Couqley's Alexis Couquelet On The Pillars Driving His Culinary Business

Disruptive innovation is a common theme across many, if not all, industry sectors nowadays. As in many other cases, the culinary world has also witnessed its rules being rewritten, with many chefs from around the world building their own enterprises to conquer the dining sector. So, how are they going about doing this? We asked some chefs who have embarked on such entrepreneurial endeavors in the MENA region to tell us their stories. Here's what Alexis Couquelet, Partner, The Alleyway Group, and Group Executive Chef, Couqley, had to say.

“To climb to the top of the chef profession, I believe it is extremely important to have passion for what you do. Passion leads to dedication and devotion, which every chef should possess to succeed. A chef must also be creative to constantly improve recipes and menus. This is an integral part of business that keeps customers coming back. Business skills and organizational skills set a good chef apart from the pack. Being at the top of the chef profession requires the ability to work on multiple tasks at once, continuously motivating your team, and being cost-effective.”

How do you turn a passion for food into a profitable business?

“I found my balance, because I was lucky enough to work with great partners and build a fantastic team who share our common vision. My personal culinary vision for Couqley is to transport customers into a great authentic bistro tucked away in the tiny streets of Paris. If you visit Couqley you will feel this cozy ambience in our dining room and you will experience authentic French cuisine. In my eyes, Couqley’s authentic experience sets us apart from being perceived as commercial.

In addition, I rely on the following three pillars. Firstly, noble ingredients since a chef must always find the best raw materials possible. For me, it is not only important to get a good deal on the items purchased for my business, but I must ensure the best tasting and the highest quality ingredients. Secondly, food waste management. After securing a consistent supply chain of high-quality produce, I make certain to use as much of the produce in my dishes as possible.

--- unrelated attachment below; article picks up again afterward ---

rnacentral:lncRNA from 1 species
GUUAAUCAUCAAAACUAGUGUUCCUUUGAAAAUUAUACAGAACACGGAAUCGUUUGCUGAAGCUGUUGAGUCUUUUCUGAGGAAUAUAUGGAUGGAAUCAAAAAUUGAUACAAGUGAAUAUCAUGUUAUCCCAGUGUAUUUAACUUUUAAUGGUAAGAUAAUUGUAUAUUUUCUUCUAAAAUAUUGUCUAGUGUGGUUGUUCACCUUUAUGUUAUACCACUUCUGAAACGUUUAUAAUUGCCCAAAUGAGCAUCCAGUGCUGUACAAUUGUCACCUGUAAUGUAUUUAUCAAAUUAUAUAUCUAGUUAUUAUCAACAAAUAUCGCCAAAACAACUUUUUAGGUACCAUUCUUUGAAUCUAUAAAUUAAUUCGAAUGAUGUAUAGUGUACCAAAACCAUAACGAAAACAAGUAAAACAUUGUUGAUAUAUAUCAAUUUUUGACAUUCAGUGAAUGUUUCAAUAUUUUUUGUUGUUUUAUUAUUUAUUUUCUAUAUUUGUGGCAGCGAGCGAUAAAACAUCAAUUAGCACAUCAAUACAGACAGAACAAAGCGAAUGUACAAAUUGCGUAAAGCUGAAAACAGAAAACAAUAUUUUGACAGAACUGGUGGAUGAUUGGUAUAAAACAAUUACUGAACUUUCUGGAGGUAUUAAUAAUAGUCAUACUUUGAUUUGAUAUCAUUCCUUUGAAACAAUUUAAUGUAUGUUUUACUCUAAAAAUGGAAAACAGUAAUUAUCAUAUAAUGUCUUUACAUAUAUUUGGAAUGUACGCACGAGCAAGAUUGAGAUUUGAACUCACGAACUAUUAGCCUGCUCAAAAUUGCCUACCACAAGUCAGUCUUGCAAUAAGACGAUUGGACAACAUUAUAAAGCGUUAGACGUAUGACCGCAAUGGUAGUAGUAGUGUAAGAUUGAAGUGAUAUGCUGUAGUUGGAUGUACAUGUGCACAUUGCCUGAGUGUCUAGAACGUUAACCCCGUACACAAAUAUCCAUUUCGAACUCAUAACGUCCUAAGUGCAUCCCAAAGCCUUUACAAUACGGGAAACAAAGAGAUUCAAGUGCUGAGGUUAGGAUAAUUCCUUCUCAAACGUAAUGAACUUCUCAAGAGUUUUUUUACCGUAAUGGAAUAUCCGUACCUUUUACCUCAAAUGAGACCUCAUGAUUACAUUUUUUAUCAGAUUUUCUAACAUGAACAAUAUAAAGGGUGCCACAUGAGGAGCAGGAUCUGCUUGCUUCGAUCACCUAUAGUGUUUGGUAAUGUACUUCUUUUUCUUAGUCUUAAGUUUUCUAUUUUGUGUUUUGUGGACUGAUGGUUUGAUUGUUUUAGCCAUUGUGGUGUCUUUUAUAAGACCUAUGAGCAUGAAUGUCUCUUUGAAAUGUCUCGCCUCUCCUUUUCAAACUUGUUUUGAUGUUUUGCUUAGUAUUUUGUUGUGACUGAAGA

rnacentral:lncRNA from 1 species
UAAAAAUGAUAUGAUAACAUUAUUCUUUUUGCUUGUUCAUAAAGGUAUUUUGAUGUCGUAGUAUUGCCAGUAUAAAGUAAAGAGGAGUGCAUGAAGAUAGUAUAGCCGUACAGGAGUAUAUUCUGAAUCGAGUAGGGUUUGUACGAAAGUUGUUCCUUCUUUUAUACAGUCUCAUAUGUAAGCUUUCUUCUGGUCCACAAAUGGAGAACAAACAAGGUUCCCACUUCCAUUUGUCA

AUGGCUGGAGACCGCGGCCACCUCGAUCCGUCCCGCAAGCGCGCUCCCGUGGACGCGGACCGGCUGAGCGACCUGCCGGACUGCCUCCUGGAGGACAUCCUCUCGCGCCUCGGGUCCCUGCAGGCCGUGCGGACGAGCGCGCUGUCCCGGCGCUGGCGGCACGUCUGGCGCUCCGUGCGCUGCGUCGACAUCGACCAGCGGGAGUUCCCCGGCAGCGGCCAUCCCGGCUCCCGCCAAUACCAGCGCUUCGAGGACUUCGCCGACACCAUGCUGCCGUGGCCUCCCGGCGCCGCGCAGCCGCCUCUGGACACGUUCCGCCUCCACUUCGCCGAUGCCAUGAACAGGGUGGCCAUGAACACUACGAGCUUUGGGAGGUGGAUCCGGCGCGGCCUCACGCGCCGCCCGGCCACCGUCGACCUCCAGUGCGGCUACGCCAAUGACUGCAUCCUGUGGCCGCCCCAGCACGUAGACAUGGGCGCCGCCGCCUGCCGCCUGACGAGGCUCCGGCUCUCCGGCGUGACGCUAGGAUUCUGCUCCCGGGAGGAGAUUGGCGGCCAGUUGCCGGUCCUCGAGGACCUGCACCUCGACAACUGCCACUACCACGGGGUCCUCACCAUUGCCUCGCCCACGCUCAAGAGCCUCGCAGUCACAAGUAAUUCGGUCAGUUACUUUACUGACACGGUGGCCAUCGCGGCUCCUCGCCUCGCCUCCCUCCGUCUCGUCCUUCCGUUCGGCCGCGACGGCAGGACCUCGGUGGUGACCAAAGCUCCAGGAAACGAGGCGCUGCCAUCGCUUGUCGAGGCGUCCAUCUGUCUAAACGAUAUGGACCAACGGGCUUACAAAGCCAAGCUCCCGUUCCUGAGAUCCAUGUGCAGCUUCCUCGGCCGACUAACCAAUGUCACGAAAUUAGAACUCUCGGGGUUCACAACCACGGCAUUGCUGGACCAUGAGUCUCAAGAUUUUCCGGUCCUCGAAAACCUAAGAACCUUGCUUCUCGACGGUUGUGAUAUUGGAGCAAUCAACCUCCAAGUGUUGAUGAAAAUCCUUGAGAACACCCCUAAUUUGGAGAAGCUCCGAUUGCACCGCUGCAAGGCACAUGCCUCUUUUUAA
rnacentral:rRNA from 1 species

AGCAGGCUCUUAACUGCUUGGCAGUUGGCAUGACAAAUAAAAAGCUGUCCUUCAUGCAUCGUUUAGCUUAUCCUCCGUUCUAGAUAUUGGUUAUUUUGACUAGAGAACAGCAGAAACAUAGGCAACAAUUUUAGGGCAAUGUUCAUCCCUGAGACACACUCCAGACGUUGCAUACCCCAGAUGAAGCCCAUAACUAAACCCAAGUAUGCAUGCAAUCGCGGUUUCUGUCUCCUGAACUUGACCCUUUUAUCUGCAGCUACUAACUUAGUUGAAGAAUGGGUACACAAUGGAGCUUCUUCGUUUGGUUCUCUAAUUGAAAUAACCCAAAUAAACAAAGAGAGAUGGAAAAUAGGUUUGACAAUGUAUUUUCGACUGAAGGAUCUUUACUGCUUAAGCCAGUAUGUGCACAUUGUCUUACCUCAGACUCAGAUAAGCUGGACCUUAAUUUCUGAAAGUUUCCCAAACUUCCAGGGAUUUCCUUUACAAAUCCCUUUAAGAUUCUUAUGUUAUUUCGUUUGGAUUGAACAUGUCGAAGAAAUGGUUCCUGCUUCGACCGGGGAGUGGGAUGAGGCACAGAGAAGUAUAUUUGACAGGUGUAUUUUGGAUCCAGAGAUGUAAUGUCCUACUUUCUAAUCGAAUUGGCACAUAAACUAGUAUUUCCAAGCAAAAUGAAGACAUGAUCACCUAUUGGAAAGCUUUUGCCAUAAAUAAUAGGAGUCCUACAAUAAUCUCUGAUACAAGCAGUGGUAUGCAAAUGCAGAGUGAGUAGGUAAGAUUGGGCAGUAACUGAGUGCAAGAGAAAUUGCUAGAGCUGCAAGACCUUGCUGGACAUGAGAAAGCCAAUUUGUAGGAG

Alexis Couquelet, Partner, The Alleyway Group, and Group Executive Chef, Couqley

Thirdly, star dishes are important because a chef’s creativity is revealed through the execution and presentation of a dish. A chef’s business acumen will be measured by the performance of that dish. At Couqley, one of my star dishes is the Steak Frites. It’s a dish I created many years ago using high quality beef filet, beautiful and consistently good French fries, and it is served in my special Couqley Sauce. Our three Couqley restaurants [Couqley Gemmayze Beirut, Couqley Blueberry Square Beirut, and Couqley UAE] sell more than 55,000 Steak Frites per year.”

How have you gone about putting a good team together for your enterprise?

“Building a successful team is not easy. It takes years of experience managing, understanding the human condition, and building respect between team members themselves and with the management. Couqley is more than just a restaurant, it is a family. My success and the success of chefs around the world can be attributed to their teams.

Being behind the scenes in the kitchen is very different than what we see on TV these days. There is so much pressure on the kitchen during service hours, and thus time for creativity is minimal. The kitchen is the engine of a restaurant, and the engine never stops. During down times, however, I like to challenge my chefs and let them develop dishes that they think would be loved by our diners.”

Source: Couqley, Facebook
What are some of the trends you expect in this sect or in the future?

“I wouldn’t say that technology has revolutionized the culinary world (yet), especially in a full-service restaurant format. However, technology has advanced the restaurant industry and has made it more efficient. Even with robots and artificial intelligence, you still need a creator, a visionary, to develop the taste and smells and flavors of a dish, something technology can’t do (yet). On that note, technology has made the execution process of food (cooking), cheaper and more efficient, especially in the fast food and quick service formats.

We believe a big trend in the culinary world is the focus on healthy food concepts, a.k.a. farm-to-table. We see more restaurants trying to source organic, locally grown products to create healthy menu options. Another growing trend is street food, or street-food-chic. Street food festivals, night markets, food trucks, and food halls are becoming popular and ethnic street food has exploded on to the culinary scene. So much of our daily lives are on the go, so that trends, such as street food and healthy street food, will not be going away anytime soon.”

Related:  Chef Jason Atherton On How Perseverance Pays Off In The Culinary World

Ziad Kamel, co-founder and Managing Director, Couqley

'TREP TALK

Couqley co-founder and Managing Director Ziad Kamel's dos and don'ts for running a business

DO

Have a solid understanding of the business of restaurants. Invest enough time to build a solid, well-trained, and loyal team.
Know how important a comprehensive marketing strategy is for building topof- mind brand awareness and driving customers to your restaurant.

DON’T

... expect your restaurant to become successful only because the food is good.
… expect that hiring a highly-paid executive chef means that your kitchen will run smoothly.
… be impatient, there are no shortcuts. Building a successful restaurant brand requires time, dedication, sacrifice, and perseverance.

Related: Chef And Entrepreneur Roberto Segura On Turning Passion Into A Profitable Hospitality Business

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